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Flight of EU workers leaves care sector with more vacancies

Rhiannon Bury
Reed found that the number of job vacancies in social care has climbed dramatically since last year - Yui Mok

Adverts for jobs in the social care sector have leapt by 64pc since last year, according to recruitment site Reed, as the industry expands and the number of workers from the European Union decreases.

Reed said that 10,747 roles in social care were advertised on its site in September, up from 6,543 in the same month in 2016.

The firm suggested that this was due to both the sector, which already employs 1.5 million workers, expanding, and a number of EU workers leaving the country.

This had added to historic staff retention issues, it said, and could force employers to pay more as demand increases at a faster rate than supply of workers.

James Reed, chairman of Reed, said: “There is a perfect storm brewing: an ageing population in the UK; European workers uncertain about taking or staying in jobs over here; successive chancellors keen to balance the books; and historically low pay rates.”

The figures released by Reed also show that job vacancies in health and medicine increased year-on-year by 19pc, growing from 8,480 to 10,084.

Like social care, health and medicine has been affected by the flight of EU nationals, it said.

Around 10,000 EU nationals working as doctors, nurses and support staff reportedly left the NHS in the year since Britain voted to leave the EU, according to NHS Digital, a Government agency that collects data on the health service.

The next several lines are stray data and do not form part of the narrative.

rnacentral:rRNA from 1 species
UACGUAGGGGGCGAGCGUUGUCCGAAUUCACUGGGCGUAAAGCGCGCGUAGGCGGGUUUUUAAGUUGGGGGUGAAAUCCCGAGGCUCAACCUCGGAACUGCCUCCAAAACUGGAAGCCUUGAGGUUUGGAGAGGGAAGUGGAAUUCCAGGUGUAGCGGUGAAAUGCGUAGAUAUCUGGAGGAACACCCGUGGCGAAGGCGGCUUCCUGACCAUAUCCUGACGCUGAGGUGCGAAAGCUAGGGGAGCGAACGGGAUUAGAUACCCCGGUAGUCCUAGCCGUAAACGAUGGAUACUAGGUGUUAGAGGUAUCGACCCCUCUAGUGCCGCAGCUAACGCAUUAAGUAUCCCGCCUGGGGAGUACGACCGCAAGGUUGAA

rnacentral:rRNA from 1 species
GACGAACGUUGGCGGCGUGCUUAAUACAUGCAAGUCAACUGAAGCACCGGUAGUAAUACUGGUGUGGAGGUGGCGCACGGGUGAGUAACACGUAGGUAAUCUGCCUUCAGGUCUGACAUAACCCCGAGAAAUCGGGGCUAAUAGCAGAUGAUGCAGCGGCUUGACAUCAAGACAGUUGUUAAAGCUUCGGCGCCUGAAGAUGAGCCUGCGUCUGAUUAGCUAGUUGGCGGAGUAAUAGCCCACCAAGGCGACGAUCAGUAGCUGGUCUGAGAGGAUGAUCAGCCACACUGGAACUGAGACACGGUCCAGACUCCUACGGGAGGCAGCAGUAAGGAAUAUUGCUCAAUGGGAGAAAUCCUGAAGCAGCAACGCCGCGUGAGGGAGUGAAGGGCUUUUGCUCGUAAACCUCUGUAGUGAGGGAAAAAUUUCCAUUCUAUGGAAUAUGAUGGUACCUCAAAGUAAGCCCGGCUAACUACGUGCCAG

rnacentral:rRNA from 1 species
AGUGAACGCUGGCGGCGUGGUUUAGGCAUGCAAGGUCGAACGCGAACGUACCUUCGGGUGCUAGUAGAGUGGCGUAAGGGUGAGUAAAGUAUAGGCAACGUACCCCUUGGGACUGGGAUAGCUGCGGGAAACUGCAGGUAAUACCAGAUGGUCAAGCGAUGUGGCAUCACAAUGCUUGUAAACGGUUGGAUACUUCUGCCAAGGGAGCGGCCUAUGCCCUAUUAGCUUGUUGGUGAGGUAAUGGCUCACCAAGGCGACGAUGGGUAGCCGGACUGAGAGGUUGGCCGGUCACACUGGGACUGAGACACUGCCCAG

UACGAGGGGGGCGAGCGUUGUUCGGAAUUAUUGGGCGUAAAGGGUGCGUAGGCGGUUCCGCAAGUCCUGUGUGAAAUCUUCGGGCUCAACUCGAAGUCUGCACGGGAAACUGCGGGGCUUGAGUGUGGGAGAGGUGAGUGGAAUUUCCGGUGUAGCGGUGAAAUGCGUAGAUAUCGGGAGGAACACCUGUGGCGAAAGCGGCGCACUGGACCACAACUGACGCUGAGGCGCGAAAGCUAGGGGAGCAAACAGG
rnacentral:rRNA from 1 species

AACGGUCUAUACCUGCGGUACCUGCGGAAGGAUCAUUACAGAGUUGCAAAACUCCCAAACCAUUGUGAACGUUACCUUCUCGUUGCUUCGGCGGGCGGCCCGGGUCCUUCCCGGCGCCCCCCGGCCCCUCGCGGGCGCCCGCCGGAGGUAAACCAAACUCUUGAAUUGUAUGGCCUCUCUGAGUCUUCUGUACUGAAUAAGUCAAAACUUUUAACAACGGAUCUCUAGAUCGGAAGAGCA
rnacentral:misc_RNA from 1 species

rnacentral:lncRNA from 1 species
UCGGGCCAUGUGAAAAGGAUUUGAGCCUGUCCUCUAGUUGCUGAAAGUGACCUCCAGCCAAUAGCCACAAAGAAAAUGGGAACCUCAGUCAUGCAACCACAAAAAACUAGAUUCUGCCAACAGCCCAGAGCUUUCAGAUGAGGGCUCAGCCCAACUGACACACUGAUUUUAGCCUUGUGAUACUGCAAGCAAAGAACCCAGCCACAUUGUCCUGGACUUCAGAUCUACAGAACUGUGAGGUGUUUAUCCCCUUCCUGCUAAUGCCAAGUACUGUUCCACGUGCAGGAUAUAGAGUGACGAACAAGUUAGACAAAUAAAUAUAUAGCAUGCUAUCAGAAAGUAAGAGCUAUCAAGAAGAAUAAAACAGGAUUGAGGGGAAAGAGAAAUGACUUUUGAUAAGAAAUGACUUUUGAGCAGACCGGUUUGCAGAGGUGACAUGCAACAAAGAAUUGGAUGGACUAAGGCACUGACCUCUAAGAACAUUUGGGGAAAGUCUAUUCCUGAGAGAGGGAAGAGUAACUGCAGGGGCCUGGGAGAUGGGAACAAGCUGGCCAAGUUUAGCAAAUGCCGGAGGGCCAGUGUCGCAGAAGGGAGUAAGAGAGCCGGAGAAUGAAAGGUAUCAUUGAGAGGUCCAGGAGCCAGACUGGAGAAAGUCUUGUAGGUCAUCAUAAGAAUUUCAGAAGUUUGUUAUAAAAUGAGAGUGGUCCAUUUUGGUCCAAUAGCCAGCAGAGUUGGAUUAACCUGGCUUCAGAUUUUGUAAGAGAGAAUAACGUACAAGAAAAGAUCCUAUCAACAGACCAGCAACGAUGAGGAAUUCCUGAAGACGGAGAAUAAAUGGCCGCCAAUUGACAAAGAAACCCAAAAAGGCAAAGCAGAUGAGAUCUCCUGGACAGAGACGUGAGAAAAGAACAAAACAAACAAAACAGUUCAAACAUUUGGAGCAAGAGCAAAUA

Total job vacancies advertised with Reed increased by 7pc year-on-year during September, from 211,707 to 226,208.

Meanwhile takeaway giant Domino's Pizza has written to the Government urging it to put leadership skills into the National Curriculum to help mitigate a potential post-Brexit recruitment squeeze.

Chief operating officer Simon Wallis said the company had written to the Department for Education in a bid to help more home-grown youngsters enter the hospitality sector.

With plans to open 600 stores in the next few years, Mr Wallis said it would be creating more than 21,000 new jobs and was aware of the need to be pro-active ahead of Brexit given a third of its staff is from the EU.

Dominos has written to the Department for Education in a bid to help more home-grown youngsters enter the hospitality sector Credit: Jason Alden

"We recognise that to fulfill our ambition we will need young people to work for the brand and we have got to be open about how to create more home-grown talent alongside the potential reduction in migrant workers from the EU," he said.

The company will be making its in-house, online TeamSkills leadership programme available for free to "help people learn how to lead a high performing team".

Mr Wallis added more than 80pc of its managers started life as delivery drivers and pizza makers and wanted school leavers - even those with few qualifications - to be aware of such a potential career path.